Gertrude Stein is remembered as a novelist, playwright, poet, and, art collector –– and the hostess of a Paris salon that gathered the cream of interwar modernism, including Picasso, Hemingway, Fitzgerald, and Matisse. A semi-open lesbian, her books include Q.E.D., one of the earliest English-language lesbian novels, and Tender Buttons, a book of poems full of allusion to lesbian sexuality. But in the last years of her life, as a Jew living in Nazi-occupied France, Stein sustained her lifestyle as an art collector and ensured her safety through the protection of powerful Vichy government officials – part of a pattern of involvement in far-right, antisemitic, and fascist politics.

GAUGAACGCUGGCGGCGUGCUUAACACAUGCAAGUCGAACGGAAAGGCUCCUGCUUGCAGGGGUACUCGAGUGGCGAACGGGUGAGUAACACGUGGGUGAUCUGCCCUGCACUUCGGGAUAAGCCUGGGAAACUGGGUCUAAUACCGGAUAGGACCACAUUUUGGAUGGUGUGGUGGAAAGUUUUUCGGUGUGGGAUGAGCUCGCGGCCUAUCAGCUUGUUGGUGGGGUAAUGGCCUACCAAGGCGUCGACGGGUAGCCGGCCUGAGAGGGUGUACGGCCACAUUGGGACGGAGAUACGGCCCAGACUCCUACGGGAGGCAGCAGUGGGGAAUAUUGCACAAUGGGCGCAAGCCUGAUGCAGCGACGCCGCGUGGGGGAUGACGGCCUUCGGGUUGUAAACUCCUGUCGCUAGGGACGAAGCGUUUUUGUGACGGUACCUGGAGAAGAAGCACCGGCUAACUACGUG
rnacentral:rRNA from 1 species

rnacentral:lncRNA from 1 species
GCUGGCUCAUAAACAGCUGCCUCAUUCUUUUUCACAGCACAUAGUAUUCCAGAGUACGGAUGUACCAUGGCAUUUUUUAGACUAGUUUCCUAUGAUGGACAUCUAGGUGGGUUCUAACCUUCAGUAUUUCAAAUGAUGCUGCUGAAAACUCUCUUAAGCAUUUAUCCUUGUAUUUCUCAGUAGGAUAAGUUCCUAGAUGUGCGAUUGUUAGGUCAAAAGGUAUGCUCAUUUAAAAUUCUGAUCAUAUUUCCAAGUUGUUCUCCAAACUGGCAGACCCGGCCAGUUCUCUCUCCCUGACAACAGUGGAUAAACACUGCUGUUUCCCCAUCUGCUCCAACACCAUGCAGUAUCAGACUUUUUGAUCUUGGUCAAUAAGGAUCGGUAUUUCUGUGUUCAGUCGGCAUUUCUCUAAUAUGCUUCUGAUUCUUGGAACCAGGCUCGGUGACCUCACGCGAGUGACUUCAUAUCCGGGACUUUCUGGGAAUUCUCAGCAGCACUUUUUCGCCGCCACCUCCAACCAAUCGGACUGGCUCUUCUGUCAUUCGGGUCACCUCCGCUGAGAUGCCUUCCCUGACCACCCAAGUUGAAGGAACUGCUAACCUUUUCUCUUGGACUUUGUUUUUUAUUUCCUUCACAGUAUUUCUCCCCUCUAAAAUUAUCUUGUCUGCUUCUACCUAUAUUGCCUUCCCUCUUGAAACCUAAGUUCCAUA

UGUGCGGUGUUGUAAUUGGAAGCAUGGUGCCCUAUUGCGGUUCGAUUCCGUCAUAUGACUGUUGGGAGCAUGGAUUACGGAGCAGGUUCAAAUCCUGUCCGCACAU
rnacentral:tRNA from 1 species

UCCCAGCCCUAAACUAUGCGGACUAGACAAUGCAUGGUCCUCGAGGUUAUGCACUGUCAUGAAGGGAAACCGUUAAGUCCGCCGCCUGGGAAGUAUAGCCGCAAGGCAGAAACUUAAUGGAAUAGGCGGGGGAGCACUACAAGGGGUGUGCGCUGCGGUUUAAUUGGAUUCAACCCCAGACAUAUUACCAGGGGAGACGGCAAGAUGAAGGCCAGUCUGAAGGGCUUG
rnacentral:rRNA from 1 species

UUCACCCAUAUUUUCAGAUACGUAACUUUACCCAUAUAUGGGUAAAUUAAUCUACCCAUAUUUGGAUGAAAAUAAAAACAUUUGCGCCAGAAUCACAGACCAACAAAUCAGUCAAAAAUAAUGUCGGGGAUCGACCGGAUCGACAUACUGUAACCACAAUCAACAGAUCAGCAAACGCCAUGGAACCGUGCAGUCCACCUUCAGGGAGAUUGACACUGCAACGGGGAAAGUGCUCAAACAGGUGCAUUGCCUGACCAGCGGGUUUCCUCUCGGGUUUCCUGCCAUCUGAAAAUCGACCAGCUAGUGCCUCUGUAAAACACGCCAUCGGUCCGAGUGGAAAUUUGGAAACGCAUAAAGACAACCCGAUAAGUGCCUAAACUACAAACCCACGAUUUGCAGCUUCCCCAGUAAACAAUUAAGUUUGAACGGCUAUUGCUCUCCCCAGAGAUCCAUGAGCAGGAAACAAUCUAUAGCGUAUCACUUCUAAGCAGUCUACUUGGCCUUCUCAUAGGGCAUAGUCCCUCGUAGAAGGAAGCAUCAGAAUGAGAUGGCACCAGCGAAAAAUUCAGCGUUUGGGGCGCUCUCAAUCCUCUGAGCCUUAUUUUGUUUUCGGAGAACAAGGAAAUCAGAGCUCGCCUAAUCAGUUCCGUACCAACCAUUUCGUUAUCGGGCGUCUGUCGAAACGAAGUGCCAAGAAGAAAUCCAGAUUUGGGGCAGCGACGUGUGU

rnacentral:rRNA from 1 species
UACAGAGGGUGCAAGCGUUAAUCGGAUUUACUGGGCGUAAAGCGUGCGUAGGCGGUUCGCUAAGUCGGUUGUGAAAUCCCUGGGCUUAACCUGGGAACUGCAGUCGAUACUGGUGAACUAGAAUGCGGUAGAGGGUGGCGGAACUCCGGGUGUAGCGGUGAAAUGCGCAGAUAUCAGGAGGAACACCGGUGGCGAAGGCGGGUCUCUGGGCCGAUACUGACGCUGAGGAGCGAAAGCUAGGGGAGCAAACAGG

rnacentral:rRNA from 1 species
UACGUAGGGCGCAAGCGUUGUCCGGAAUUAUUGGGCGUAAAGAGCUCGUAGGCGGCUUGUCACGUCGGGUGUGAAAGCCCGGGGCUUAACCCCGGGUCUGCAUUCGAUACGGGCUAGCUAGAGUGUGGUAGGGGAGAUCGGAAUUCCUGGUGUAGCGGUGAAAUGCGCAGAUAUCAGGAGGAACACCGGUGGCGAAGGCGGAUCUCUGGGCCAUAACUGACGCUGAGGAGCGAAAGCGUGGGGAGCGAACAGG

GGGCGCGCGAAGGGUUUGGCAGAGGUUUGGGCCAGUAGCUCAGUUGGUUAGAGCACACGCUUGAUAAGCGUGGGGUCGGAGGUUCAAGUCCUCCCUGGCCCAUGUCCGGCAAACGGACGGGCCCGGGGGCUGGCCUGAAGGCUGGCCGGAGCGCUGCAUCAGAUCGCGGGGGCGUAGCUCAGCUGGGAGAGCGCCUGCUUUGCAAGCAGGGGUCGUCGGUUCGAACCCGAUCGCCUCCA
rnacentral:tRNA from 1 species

SOURCES:Johnston, Georgia. The Formation of 20th-Century Queer Autobiography: Reading Vita Sackville-West, Virginia Woolf, Hilda Doolittle, and Gertrude Stein. Palgrave Macmillan US, 2007. Malcolm, Janet. “Gertrude Stein’s War.” The New Yorker. June 2, 2003. https://www.newyorker.com/magazine/2003/06/02/gertrude-steins-war. Pavloska, Susanna. Modern Primitives: Race and Language in Gertrude Stein, Ernest Hemingway, and Zora Neale Hurston. New York: Routledge, 1999. Stein, Gertrude. Tender Buttons. Reissue edition. Mineola, N.Y: Dover Publications, 1997. ———. The Autobiography of Alice B. Toklas. Reissue edition. New York: Vintage, 1990. Wineapple, Brenda. Sister Brother: Gertrude and Leo Stein. Lincoln: Combined Academic Publishing, 2008.
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